jeehee.hong [at] mcgill.ca (Jeehee Hong)

Research interests:  Middle-period (9th-14th centuries) Chinese art, especially ritual art and visual culture; social location of the visual; materiality, intermediality, and agency in art; affect and emotion in art; dimensions of "the real" in visual culture.

Jeehee Hong is Gretta Chambers Associate Professor in East Asian Art History. She specializes in the ritual art and visual cultures of middle-period China (ninth to fourteenth century CE). Her first book, Theater of the Dead: A Social Turn in Chinese Funerary Art, 1000–1400 (University of Hawai‘i Press, 2016), explores complex intersections of the visual, mortuary, and everyday worlds, and demonstrates a new phase in the conception of the netherworld and the practice of ancestral worship in China at the beginning of the second millennium. She is currently working on two main topics; the first project investigates the ontological understanding of borders and boundaries in the ritual art of China before the late imperial times; the second project engages the question of how traditional Chinese negotiated the complexity of emotions in the visual arts. Her research questions bring together various mediums and formal categories of art, often inspired by cross-cultural phenomena in the visual world.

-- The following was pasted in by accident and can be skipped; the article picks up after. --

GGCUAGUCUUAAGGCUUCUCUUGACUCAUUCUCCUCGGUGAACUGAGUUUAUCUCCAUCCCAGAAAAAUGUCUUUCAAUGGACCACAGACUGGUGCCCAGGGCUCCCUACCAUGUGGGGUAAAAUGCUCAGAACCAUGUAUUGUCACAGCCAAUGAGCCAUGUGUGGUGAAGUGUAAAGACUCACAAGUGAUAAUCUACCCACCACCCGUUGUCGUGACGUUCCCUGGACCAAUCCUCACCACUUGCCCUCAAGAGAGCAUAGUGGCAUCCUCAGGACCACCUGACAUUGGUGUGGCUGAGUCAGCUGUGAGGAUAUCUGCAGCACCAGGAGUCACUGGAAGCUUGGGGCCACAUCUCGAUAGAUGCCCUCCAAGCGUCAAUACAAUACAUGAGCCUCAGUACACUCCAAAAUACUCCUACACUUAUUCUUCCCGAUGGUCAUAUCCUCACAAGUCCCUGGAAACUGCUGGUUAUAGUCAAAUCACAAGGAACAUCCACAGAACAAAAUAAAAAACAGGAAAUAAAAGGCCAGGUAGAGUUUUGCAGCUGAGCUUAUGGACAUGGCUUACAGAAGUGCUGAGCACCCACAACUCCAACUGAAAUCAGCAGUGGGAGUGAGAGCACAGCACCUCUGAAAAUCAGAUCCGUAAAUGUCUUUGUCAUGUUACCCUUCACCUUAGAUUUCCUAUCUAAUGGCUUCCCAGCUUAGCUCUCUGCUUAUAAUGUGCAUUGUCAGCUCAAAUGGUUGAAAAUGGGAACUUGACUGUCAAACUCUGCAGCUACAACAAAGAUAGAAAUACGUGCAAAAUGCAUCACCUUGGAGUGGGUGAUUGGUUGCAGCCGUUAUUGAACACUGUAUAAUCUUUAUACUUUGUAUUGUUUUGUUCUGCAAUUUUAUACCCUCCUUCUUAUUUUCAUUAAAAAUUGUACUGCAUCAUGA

adrienne.hurley [at] mcgill.ca (Adrienne Hurley)

(ON LEAVE)

Research Interests: Modern and Contemporary Japanese Literature, Youth and Violence, Critical Ethnic Studies, and Anarchist Studies.

Adrienne Hurley is an Associate Professor in East Asian Studies and an associate member of the Department of Integrated Studies in Education.  She earned a Ph.D. in East Asian Languages and Literatures at the University of California, Irvine in 2000.  She served as a Court Appointed Special Advocate (CASA) for abused youth in Orange County and was awarded a Japan Foundation dissertation fellowship in 1997-1998 for her research on child abuse and youth violence in contemporary Japan.  She held a Postdoctoral Fellowship in Japan Studies at Stanford University from 2002-2005. From 2005-2008, she was assistant professor in Asian and Slavic Languages and Literature at the University of Iowa, where she was also the founder and director of the University of Iowa Youth Empowerment Academy and coordinator of the University of Iowa's One World Foundation Young Leader Scholarship program. Hurley's translation of Tomoyuki Hoshino's novel Lonely Hearts Killer was published by PM Press in 2009 and is the first book-length work by the award-winning novelist to be translated into English.  She is the author of Revolutionary Suicide and Other Desperate Measures: Narratives of Youth and Violence from Japan and the United States (Duke University Press, 2011).